The Church of The Angels was ordered built by Mrs. Frances E. Campbell-Johnson as a memorial to her husband, Alexander Robert Campbell-Johnson, an early settler of the area.
Cambell-Johnson was an Englishman, the son of Sir Alexander Johnson, chief justice of Ceylon. His mother was the daughter of Sire William Campbell, a direct descendant of the Duke of Argyll who was the last British governor of South Carolina.
Young Alexander adopted the surnames of both his parents and later entered the British diplomatic service. Visiting Southern California in 1883, Campbell-Johnson and his wife arranged to purchase 2,000 acres from a man named Prudent Beaudry who was mayor of Los Angeles from 1874 to 1876.
Beaudry had acquired a large portion of the historic Rancho San Rafael property in 1869 when descendants of the Verdugo family were unable to make payments on a loan secured through Beaudry and other creditors. A court commission awarded the San Rafael hills area to Beaudry as his share of the settlement.
As new landowners, the Campbell-Johnsons rechristened their land the San Rafael Ranch and developed it to agricultural use. The Campbell-Johnsons returned to England, giving over management of the ranch to three of their ten sons, Augustine, Coneya, and Alexander Napier.
Campbell-Johnson returned to the ranch with his wife early in 1888, but was taken ill and died on January 21. Mrs. Campbell-Johnson returned to England with the remains for burial and while in London decided to build a church to perpetuate the memory of her husband.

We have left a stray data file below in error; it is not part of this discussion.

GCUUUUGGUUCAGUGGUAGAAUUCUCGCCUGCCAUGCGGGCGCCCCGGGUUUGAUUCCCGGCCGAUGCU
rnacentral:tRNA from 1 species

She directed that the church be oriented to the west, instead of the traditional east to allow the sun to brightly illuminate the stained glass depiction of the resurrection behind the altar.
Plans were drawn by Arthur Edmund Street, an English church architect, and modeled after Holmbury St. Mary's Church near Dorking, Surrey, England.
Mrs. Campbell-Johnson returned to San Rafael in early 1889 to oversee construction of the church which she had named "Mission of the Church of the Angels". Mrs. Campbell-Johnson laid the cornerstone on Easter Eve, April 20, 1889 and visited the site daily during construction. The church was completed in September, and shortly thereafter Mrs. Campbell-Johnson returned to England, where she died in 1893.